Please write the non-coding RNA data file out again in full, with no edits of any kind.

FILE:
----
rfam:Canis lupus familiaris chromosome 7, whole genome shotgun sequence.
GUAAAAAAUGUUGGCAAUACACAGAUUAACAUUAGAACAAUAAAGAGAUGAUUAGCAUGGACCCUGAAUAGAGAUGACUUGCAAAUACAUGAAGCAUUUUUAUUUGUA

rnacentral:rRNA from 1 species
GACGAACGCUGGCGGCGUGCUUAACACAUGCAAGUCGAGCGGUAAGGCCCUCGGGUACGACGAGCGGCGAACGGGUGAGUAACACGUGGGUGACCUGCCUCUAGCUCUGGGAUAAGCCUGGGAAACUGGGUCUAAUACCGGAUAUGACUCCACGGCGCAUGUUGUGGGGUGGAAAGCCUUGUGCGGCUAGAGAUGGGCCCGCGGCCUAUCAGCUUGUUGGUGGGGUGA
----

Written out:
rfam:Canis lupus familiaris chromosome 7, whole genome shotgun sequence.
GUAAAAAAUGUUGGCAAUACACAGAUUAACAUUAGAACAAUAAAGAGAUGAUUAGCAUGGACCCUGAAUAGAGAUGACUUGCAAAUACAUGAAGCAUUUUUAUUUGUA

rnacentral:rRNA from 1 species
GACGAACGCUGGCGGCGUGCUUAACACAUGCAAGUCGAGCGGUAAGGCCCUCGGGUACGACGAGCGGCGAACGGGUGAGUAACACGUGGGUGACCUGCCUCUAGCUCUGGGAUAAGCCUGGGAAACUGGGUCUAAUACCGGAUAUGACUCCACGGCGCAUGUUGUGGGGUGGAAAGCCUUGUGCGGCUAGAGAUGGGCCCGCGGCCUAUCAGCUUGUUGGUGGGGUGA